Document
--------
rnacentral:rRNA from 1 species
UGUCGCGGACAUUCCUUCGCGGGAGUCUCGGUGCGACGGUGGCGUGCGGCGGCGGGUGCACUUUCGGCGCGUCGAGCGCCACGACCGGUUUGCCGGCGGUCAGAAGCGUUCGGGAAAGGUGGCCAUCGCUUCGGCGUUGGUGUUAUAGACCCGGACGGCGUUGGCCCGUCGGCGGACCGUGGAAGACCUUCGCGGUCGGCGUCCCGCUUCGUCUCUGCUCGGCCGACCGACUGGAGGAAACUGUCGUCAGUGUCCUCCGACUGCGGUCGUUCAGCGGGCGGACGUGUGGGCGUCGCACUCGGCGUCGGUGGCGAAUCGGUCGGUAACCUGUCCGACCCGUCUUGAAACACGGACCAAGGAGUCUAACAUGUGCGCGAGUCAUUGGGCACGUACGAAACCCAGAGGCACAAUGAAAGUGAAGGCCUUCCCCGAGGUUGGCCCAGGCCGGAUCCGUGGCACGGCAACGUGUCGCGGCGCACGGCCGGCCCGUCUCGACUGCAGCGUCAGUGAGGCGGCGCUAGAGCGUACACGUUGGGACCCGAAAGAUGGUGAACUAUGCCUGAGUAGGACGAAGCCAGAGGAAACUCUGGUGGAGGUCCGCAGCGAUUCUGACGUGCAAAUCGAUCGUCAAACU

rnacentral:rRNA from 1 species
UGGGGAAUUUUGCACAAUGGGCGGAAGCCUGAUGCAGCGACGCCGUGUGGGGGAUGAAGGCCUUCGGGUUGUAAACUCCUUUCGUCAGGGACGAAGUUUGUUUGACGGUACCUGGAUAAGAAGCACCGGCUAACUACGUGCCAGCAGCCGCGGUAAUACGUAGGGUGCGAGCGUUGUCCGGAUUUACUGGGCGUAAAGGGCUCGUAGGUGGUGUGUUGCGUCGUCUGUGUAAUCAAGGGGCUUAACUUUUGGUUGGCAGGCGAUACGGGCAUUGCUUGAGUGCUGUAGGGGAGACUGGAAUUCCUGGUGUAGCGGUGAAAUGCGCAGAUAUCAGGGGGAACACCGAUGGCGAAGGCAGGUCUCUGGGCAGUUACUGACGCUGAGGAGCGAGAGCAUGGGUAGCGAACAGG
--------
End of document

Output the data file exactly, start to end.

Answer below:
rnacentral:rRNA from 1 species
UGUCGCGGACAUUCCUUCGCGGGAGUCUCGGUGCGACGGUGGCGUGCGGCGGCGGGUGCACUUUCGGCGCGUCGAGCGCCACGACCGGUUUGCCGGCGGUCAGAAGCGUUCGGGAAAGGUGGCCAUCGCUUCGGCGUUGGUGUUAUAGACCCGGACGGCGUUGGCCCGUCGGCGGACCGUGGAAGACCUUCGCGGUCGGCGUCCCGCUUCGUCUCUGCUCGGCCGACCGACUGGAGGAAACUGUCGUCAGUGUCCUCCGACUGCGGUCGUUCAGCGGGCGGACGUGUGGGCGUCGCACUCGGCGUCGGUGGCGAAUCGGUCGGUAACCUGUCCGACCCGUCUUGAAACACGGACCAAGGAGUCUAACAUGUGCGCGAGUCAUUGGGCACGUACGAAACCCAGAGGCACAAUGAAAGUGAAGGCCUUCCCCGAGGUUGGCCCAGGCCGGAUCCGUGGCACGGCAACGUGUCGCGGCGCACGGCCGGCCCGUCUCGACUGCAGCGUCAGUGAGGCGGCGCUAGAGCGUACACGUUGGGACCCGAAAGAUGGUGAACUAUGCCUGAGUAGGACGAAGCCAGAGGAAACUCUGGUGGAGGUCCGCAGCGAUUCUGACGUGCAAAUCGAUCGUCAAACU

rnacentral:rRNA from 1 species
UGGGGAAUUUUGCACAAUGGGCGGAAGCCUGAUGCAGCGACGCCGUGUGGGGGAUGAAGGCCUUCGGGUUGUAAACUCCUUUCGUCAGGGACGAAGUUUGUUUGACGGUACCUGGAUAAGAAGCACCGGCUAACUACGUGCCAGCAGCCGCGGUAAUACGUAGGGUGCGAGCGUUGUCCGGAUUUACUGGGCGUAAAGGGCUCGUAGGUGGUGUGUUGCGUCGUCUGUGUAAUCAAGGGGCUUAACUUUUGGUUGGCAGGCGAUACGGGCAUUGCUUGAGUGCUGUAGGGGAGACUGGAAUUCCUGGUGUAGCGGUGAAAUGCGCAGAUAUCAGGGGGAACACCGAUGGCGAAGGCAGGUCUCUGGGCAGUUACUGACGCUGAGGAGCGAGAGCAUGGGUAGCGAACAGG